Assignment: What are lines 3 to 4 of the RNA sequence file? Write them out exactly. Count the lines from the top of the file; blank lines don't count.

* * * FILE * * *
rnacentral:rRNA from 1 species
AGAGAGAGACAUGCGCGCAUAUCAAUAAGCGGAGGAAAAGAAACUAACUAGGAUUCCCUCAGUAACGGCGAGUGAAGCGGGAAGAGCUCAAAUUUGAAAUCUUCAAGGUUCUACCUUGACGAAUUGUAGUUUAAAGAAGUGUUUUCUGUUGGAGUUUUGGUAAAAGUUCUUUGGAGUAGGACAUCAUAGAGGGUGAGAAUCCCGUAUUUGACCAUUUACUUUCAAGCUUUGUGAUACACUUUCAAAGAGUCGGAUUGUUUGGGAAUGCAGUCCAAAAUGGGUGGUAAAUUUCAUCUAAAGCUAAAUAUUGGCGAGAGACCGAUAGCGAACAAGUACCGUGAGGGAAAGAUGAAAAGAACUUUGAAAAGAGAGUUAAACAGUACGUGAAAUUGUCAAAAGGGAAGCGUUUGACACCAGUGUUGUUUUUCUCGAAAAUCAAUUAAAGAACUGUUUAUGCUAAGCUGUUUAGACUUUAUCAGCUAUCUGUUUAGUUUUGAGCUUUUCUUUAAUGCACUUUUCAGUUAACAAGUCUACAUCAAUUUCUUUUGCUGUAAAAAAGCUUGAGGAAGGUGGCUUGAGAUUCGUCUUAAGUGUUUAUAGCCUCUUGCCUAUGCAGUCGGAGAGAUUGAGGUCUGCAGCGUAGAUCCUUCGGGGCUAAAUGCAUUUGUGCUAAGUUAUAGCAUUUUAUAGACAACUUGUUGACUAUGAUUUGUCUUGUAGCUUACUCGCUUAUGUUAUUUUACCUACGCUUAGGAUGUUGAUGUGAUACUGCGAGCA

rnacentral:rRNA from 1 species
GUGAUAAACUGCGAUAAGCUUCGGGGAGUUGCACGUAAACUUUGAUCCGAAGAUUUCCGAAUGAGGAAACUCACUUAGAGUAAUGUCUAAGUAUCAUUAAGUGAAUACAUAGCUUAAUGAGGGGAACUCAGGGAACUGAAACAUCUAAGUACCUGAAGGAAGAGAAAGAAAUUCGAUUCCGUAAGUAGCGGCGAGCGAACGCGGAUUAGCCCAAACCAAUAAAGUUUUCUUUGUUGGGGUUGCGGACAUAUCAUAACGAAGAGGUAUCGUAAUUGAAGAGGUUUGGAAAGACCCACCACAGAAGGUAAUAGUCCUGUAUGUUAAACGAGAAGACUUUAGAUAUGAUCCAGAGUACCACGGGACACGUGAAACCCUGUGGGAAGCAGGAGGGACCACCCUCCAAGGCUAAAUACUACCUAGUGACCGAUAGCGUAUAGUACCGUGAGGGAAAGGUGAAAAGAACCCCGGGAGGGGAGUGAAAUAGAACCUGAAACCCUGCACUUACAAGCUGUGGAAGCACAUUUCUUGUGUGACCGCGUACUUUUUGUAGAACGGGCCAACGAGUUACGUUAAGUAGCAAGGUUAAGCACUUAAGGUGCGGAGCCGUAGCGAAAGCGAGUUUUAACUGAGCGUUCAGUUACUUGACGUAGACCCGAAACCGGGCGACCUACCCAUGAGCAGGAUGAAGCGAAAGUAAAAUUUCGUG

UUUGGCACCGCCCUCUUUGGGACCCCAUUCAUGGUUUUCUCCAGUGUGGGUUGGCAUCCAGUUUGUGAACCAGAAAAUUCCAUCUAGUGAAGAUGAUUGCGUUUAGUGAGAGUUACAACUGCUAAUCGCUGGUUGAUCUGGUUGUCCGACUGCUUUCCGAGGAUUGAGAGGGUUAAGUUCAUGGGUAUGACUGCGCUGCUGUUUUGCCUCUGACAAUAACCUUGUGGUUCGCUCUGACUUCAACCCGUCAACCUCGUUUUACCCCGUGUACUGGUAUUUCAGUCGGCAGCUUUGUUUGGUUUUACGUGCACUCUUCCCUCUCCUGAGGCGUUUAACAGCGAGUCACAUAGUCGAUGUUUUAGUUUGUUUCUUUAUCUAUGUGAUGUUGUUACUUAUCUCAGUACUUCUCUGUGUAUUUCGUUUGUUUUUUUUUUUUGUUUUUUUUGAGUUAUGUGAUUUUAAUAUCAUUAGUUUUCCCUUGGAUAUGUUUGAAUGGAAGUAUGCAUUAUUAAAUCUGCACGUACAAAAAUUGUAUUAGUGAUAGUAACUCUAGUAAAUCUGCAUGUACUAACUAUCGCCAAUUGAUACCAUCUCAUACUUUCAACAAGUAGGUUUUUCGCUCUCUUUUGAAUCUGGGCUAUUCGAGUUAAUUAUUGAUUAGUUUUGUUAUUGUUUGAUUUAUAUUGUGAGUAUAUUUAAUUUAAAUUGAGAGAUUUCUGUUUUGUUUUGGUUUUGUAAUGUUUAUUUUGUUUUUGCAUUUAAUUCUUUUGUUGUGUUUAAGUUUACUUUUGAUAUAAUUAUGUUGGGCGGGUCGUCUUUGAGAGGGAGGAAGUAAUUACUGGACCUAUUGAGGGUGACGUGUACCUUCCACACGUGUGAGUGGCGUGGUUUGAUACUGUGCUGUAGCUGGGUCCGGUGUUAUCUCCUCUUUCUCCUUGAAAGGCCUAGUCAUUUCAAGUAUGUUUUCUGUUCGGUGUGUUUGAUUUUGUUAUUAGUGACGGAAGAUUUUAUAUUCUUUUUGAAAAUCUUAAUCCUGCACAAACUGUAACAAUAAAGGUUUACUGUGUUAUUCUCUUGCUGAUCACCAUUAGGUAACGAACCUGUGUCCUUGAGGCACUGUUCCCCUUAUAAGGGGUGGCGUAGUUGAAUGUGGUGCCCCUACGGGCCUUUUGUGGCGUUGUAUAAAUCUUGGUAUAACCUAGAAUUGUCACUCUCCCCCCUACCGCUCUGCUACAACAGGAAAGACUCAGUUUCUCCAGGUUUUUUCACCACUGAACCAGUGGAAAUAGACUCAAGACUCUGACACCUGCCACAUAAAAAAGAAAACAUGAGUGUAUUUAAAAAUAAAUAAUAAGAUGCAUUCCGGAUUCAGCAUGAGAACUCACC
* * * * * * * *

rnacentral:rRNA from 1 species
GUGAUAAACUGCGAUAAGCUUCGGGGAGUUGCACGUAAACUUUGAUCCGAAGAUUUCCGAAUGAGGAAACUCACUUAGAGUAAUGUCUAAGUAUCAUUAAGUGAAUACAUAGCUUAAUGAGGGGAACUCAGGGAACUGAAACAUCUAAGUACCUGAAGGAAGAGAAAGAAAUUCGAUUCCGUAAGUAGCGGCGAGCGAACGCGGAUUAGCCCAAACCAAUAAAGUUUUCUUUGUUGGGGUUGCGGACAUAUCAUAACGAAGAGGUAUCGUAAUUGAAGAGGUUUGGAAAGACCCACCACAGAAGGUAAUAGUCCUGUAUGUUAAACGAGAAGACUUUAGAUAUGAUCCAGAGUACCACGGGACACGUGAAACCCUGUGGGAAGCAGGAGGGACCACCCUCCAAGGCUAAAUACUACCUAGUGACCGAUAGCGUAUAGUACCGUGAGGGAAAGGUGAAAAGAACCCCGGGAGGGGAGUGAAAUAGAACCUGAAACCCUGCACUUACAAGCUGUGGAAGCACAUUUCUUGUGUGACCGCGUACUUUUUGUAGAACGGGCCAACGAGUUACGUUAAGUAGCAAGGUUAAGCACUUAAGGUGCGGAGCCGUAGCGAAAGCGAGUUUUAACUGAGCGUUCAGUUACUUGACGUAGACCCGAAACCGGGCGACCUACCCAUGAGCAGGAUGAAGCGAAAGUAAAAUUUCGUG